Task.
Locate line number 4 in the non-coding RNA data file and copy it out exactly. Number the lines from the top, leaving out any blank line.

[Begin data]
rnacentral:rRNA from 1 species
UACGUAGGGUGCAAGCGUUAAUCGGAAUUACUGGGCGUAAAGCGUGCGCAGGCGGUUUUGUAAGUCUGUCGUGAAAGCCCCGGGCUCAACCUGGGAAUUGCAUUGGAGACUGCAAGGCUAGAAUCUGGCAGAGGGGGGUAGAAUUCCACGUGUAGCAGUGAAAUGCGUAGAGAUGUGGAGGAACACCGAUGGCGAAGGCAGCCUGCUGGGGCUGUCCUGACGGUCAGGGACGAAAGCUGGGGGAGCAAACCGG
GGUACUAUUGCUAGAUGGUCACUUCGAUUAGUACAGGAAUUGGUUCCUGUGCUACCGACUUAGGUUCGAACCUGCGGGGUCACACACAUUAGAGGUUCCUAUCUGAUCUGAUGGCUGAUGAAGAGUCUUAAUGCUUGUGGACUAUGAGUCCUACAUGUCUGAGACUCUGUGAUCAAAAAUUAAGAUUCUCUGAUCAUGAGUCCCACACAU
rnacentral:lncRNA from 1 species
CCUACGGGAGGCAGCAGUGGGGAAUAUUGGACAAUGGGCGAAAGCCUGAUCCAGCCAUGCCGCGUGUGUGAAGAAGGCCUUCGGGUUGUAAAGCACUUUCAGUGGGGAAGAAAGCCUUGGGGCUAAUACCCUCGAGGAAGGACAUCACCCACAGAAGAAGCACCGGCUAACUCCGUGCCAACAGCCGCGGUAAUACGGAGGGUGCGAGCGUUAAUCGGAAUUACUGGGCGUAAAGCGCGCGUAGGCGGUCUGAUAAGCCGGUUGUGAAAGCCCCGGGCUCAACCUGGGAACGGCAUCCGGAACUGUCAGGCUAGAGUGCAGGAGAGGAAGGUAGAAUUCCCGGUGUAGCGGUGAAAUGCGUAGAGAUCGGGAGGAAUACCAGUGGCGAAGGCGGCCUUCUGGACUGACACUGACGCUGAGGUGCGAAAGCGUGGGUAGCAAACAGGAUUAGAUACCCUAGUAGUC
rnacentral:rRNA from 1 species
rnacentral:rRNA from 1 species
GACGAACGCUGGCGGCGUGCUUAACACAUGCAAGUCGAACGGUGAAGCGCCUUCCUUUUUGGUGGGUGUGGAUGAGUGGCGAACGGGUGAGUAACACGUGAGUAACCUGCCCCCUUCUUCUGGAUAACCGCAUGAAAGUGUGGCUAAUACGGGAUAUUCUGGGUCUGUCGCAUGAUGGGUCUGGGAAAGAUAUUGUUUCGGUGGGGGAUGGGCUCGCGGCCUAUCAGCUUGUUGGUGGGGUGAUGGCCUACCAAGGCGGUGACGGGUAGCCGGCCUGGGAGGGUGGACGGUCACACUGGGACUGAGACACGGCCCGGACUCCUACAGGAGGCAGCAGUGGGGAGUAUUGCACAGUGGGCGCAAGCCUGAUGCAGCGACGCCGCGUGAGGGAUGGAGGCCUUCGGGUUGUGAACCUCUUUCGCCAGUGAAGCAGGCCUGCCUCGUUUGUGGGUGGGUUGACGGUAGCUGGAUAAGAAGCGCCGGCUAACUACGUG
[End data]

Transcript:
rnacentral:lncRNA from 1 species